Rural Missouri - April 2011 - (Page 34)
Valley of Many Deer
wo miles west of Chilhowee on State Route 2 stands a large, bright-white artist palette with daubs of color and the words “Art Next Right.” Just past the palette, a purple and turquoise sign with a vivid yellow sun and silhouettes of leaping deer marks a gravel driveway. If you turn up that lane, you’ll ﬁnd yourself heading toward a low tan building with brick-red shutters, window boxes and a small covered porch. From the outside, the building looks like other metal barns dotting Missouri’s landscape. But step inside and you’ll discover this barn is far from ordinary. You’ve just entered the Valley of Many Deer Gallery, a co-op of artists and writers. The gallery sits on 100 acres of land and houses about 1,000 square feet of original art in three large • rooms. Walking into Chilhowee the gallery, you get a feeling of entering a place at once familiar and comfortable, like a favorite friend’s house, yet a tingle of anticipation spirals through you at the thought of exploring all the nooks and crannies. Doors salvaged from old houses slated for demolition stand hinged together, creating a rustic backdrop for paintings and other artwork. Whimsical and functional art is displayed on empty wine barrels, benches and antique furniture. “When customers walk through the door, they’re always amazed at the amount of art we have,” says Jo Henning, artist and owner of the gallery. “They might not know it, but several of our members are award-winning artists and writers.” Woodcarvings, oil and watercolor paintings, antique doors with stained-glass panels, handwoven rugs and other ﬁber art, pressed ﬂowers, pottery, hand-crocheted items, paper art, mosaics, jewelry and much more ﬁll every room. Books by regional authors, some published by locally owned Cave Hollow Press and Sweetgum Press, intermingle with the art. The books include ﬁction, nonﬁction, poetry and young adult. Albums by local musicians also can be found on the shelves. The gallery, served by West Central Electric Cooperative, gets it name from Chilhowee, a Cherokee word for “Valley of Many Deer.” In 1855, James Simpson was traveling through the area from Tennessee when his wagon broke down. He decided to stay and opened a store. Other families settled in the area and it grew into the town of Chilhowee, named after the town of the same name in Tennessee. “There are over 20 artists and writers represented in this art co-op,” Jo says. “It’s a mixture of ﬁne art and ﬁne crafts. Artists have to be juried into it.” Jo started the cooperative in 2006 with just a handful of volunteers while teaching art full time. Since she retired a year and a half ago, she has been able to devote more time to the gallery. But she’s quick to point out, “Every member pitches in and helps with things like advertising, art demonstrations, decorating, cleaning and performing music for live entertainment.” Why start a gallery in the middle of a rural community? “It’s so local artisans and writers have a place to showcase their work,” Jo says. “We are letting folks know that there is plenty of talent out away from the city.” Jo has plenty of talent herself. An award-winning artist, she was born with a passion to create, despite eating her crayons as a child. Though the crayons made her sick, they didn’t diminish her love for the creative process. She earned a master’s degree in art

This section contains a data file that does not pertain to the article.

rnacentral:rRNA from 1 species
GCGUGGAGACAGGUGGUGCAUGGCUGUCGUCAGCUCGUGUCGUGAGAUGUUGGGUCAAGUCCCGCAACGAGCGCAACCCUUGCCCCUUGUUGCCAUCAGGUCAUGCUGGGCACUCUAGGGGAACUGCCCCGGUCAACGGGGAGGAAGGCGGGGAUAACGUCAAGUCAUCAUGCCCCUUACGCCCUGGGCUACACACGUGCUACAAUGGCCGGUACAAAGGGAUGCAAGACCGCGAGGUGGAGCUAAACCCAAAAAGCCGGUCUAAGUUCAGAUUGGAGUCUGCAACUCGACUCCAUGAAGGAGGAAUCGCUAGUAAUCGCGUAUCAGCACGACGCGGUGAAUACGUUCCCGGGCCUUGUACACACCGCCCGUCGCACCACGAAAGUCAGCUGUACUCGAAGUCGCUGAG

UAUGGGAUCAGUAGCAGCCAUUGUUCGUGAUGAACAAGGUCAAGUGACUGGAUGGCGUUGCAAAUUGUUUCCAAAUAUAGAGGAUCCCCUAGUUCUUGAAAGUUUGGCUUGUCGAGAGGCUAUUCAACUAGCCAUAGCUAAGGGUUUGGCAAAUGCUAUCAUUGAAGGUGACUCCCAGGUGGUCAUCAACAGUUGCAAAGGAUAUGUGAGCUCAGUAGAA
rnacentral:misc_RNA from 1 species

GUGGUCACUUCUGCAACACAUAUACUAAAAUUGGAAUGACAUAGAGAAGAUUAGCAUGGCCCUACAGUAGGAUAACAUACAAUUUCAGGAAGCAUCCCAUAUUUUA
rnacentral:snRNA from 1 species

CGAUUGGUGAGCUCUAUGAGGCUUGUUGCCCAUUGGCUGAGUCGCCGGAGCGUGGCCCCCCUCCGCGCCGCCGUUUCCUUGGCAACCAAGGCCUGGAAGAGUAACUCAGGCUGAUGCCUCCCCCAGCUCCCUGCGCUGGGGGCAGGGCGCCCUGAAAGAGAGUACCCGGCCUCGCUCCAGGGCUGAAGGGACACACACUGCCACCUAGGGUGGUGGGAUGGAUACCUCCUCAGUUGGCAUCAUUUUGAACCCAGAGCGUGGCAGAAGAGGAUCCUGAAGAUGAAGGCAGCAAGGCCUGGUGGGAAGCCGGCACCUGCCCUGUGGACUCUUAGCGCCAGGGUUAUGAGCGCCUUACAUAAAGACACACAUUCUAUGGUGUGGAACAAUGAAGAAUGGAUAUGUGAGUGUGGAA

by Teresa Hoy email@example.com
photos by Jim McCarty